Keywords: Corporate distress, Managerial influence, CEO compensation, CEO turnover, Bias-corrected matching estimator
    JEL: G33 G34 J33 J44 M50
    Date: 2021–11
  4. By: Aleksandar Vasilev
    Abstract: We introduce a military sector and external security considerations into a real-business-cycle setup with a public sector. We calibrate the model to Bulgarian data for the period following the introduction of the currency board arrangement (1999-2018). We investigate the quantitative importance of the presence of a military sector and external threat considerations for the cyclical fluctuations in Bulgaria. We find the quantitative effect of such aspects to be very small, and thus not important for business cycle stabilization, or public finance issues, as in Bulgaria the spending on military is relatively small relative to the size of the economy.
    Keywords: Business cycles, military spending, security considerations, external threats, Bulgaria
    JEL: E24 E32
    Date: 2021–01–03
  5. By: Schulte, Elisabeth; Friehe, Tim; Langlais, Eric
    JEL: K13
    Date: 2021
  6. By: Roya Taherifar (University of Waikato); Mark J. Holmes (University of Waikato); Gazi M. Hassan (University of Waikato)
    Abstract: It is argued that pay inequality between CEOs and employees impacts employee performance, although empirical studies are inconsistent about the directionality of the effect. This paper shows that seemingly contradictory predictions of sociological and economic perspectives about the impact of pay inequality are more complementary than contradictory. Using data from a sample of public companies over the period 2004-2019, we show that pay inequality attributed to individuals’ skills, company characteristics, and labour market is positively associated with employee performance. However, this positive impact on employee performance declines at high levels of pay disparity. In addition, pay inequality based on other unknown factors has a negative impact on employee performance.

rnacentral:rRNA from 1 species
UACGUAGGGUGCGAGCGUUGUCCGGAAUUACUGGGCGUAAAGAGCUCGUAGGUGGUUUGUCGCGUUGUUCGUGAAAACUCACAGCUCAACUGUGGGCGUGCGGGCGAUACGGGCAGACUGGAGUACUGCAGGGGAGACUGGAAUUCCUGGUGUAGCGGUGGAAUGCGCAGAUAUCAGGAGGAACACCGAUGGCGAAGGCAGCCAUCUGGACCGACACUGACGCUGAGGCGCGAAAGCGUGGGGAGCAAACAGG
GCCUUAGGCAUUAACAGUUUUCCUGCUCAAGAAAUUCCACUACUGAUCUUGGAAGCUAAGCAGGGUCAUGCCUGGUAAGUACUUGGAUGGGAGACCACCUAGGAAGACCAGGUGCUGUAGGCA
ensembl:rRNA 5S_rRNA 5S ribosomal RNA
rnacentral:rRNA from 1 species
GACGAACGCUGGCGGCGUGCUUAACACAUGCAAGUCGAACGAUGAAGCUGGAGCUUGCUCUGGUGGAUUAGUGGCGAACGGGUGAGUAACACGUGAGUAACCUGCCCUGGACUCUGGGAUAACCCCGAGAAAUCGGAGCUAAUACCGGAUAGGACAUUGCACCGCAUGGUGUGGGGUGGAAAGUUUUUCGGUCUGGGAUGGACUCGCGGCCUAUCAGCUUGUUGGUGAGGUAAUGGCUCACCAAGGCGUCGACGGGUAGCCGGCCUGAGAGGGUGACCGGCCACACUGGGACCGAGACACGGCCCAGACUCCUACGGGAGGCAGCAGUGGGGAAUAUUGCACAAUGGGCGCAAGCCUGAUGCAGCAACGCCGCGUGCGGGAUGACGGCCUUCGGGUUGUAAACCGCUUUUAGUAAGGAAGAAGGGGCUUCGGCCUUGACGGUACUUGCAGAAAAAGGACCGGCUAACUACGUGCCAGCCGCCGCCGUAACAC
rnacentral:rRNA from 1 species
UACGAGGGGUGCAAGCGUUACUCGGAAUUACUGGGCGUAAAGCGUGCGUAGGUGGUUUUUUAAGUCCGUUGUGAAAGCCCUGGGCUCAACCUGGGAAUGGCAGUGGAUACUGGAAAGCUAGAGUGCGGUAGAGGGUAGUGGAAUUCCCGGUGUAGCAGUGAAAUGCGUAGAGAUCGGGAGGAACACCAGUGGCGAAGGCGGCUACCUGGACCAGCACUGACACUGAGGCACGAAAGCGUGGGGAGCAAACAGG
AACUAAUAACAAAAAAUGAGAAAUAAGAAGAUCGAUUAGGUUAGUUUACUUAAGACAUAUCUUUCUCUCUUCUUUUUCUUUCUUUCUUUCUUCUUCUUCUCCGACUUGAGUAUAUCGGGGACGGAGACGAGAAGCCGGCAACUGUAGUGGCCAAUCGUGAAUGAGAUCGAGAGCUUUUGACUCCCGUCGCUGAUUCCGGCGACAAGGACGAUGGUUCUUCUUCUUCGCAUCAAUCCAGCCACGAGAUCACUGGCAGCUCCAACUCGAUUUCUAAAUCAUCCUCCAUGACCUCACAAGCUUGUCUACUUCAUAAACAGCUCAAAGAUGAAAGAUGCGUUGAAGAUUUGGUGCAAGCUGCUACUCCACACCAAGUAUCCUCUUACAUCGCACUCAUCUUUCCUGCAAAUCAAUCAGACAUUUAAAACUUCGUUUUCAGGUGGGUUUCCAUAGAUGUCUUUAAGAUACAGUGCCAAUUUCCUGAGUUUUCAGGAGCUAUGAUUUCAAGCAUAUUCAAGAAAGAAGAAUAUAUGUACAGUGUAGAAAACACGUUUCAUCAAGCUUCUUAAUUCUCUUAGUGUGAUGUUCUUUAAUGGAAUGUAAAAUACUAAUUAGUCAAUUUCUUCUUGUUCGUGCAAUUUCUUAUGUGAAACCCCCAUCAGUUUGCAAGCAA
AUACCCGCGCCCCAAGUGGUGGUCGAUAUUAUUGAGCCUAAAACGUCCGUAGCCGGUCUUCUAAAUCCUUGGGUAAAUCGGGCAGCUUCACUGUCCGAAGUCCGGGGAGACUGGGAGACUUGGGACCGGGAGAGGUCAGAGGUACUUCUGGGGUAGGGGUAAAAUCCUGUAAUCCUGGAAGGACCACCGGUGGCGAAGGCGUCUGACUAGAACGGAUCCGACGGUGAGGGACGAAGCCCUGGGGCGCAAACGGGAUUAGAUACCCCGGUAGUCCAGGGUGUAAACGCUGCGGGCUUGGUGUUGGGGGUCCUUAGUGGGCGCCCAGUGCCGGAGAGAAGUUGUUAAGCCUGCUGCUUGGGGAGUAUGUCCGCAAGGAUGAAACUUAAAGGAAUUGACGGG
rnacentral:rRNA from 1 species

Keywords: CEO compensation;pay inequality;pay ratio;employee performance;productivity
    JEL: D24 G34 J31 M12 M52
    Date: 2021–11–06
  7. By: Vera, Celia (Zirve University); Rendon, Silvio (Independent Researcher)
    Abstract: Peru's national policy on productivity and competitiveness relies on the Global Competitiveness Index (GCI) by the World Economic Forum. We analyze the subjective component of GCI and show that, in the labor market area, this index has been largely constructed with opinion data coming from a particular group of the business sector. The opinion data is based on a survey of 98 business executives, which mainly represent firms with 100 or more employees and account for only 1% of total firms in Peru. Further, the questionnaire exhibits obvious flaws, and the underlying viewpoint that less employment protection promotes productive and formal work is not aligned with the evidence. Thus, we do not find that GCI provides a solid base for policy advice.
    Keywords: labor markets, competitiveness, subjective data
    JEL: J08 J32 O43
    Date: 2021–09
  8. By: Chang-Tai Hsieh; Esteban Rossi-Hansberg
    Abstract: The U.S. has experienced an industrial revolution in services. Firms in service industries, those where output has to be supplied locally, increasingly operate in more markets. Employment, sales, and spending on fixed costs such as R&D and managerial employment have increased rapidly in these industries. These changes have favored top firms the most and have led to increasing national concentration in service industries. Top firms in service industries have grown entirely by expanding into new local markets that are predominantly small and mid-sized U.S. cities. Market concentration at the local level has decreased in all U.S. cities but by significantly more in cities thatwere initially small. These facts are consistent with the availability of a new menu of fixed-cost-intensive technologies in service sectors that enable adopters to produce at lower marginal costs in any markets. The entry of top service firms into new local markets has led to substantial unmeasured productivity growth, particularly in small markets.
    Date: 2021–10